Think you are the only one who has had a strange question or situation arise during an interview? The following are comments from area attorneys about uncomfortable questions and awkward moments that have happened in interviews in which they have been the interviewer or the interviewee–you are not alone!
“I always hate those, would you rather be a pilot or navigator in a fighter plane and why, what type of tree would you be, etc. but people ask them so you need an answer. I also hate the ‘where do you see yourself in 5 years’ question. I’ve never been right with my predictions, but people expect that you have some sort of plan in mind.”
“I had three terrible interviews that I haven’t yet blocked out (there may be others that I have). The first was conducted all in French because I had on my resume that I am “fluent” in French. My resume now says that I am “proficient”. I can hold my own and understand, but I didn’t know any legal jargon in French and my interviewer knew it and made a point with it. The second horrible interview was conducted at hyper speed. I think it was the interviewer’s ‘technique.’ He asked no questions other than, ‘what questions do you have for me?’ I’d ask a question, he’d speed talk through a very brief answer and in 20 seconds say, ‘Next. We did this for 20 minutes. I’m pretty sure I asked him about whether he’d ever ridden a horse before at some point because he had a bunch of landscape, ‘country’ paintings. He thought I was weird. I thought he was a jerk. The last was my favorite of the worst. We both looked at each other and sized each other up before sitting down at the table, then we both made fun of each other, politely, for 5 minutes before I told him thanks, but no thanks.”
“The oddest interview I had was a first where the firm brought 4 interviewers to campus. It was strategy on their part–what do you do with something ‘different.’ So I had to be able to show that I could work a room. It was hard.”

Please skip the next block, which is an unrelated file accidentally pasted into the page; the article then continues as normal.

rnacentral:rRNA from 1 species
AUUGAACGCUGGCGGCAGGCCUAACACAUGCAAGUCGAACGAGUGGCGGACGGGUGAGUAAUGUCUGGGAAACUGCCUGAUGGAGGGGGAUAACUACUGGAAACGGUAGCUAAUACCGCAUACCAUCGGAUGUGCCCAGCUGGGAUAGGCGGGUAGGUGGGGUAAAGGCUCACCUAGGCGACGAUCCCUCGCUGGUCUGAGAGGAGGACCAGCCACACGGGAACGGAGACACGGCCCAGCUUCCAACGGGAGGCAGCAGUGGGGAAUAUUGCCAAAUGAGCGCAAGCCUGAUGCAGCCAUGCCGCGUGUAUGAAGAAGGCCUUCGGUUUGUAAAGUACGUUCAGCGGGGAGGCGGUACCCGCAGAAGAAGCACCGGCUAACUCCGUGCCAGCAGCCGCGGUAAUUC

“I like to make sure that people have a chuckle in interviews. Humor is a great way to be remembered, but it’s really easy to be accidentally offensive, so you really need to be aware of where the lines are or should be.”
“I have asked interviewees what their favorite movie was and some have been unable to give me an answer because it was not a question they expected. That was not good for them.”
“I had an interviewee who sang in a rock band. When we talked about the type of music they played he told me it was classic rock. I knew most of the songs because they were hits when I was in high school. He told me he was raised on those songs because the albums were popular when his parents were in high school. We quickly discovered, to my shock and disappointment that I was about the same age as his parents.”
“I was asked about attention to detail in an interview with [a large national law firm]. I responded honestly that I was guilty of proofreading my casebooks as I studied, and I’m almost certain that it was that response that led to an offer. I have no idea what the take-away lesson is.”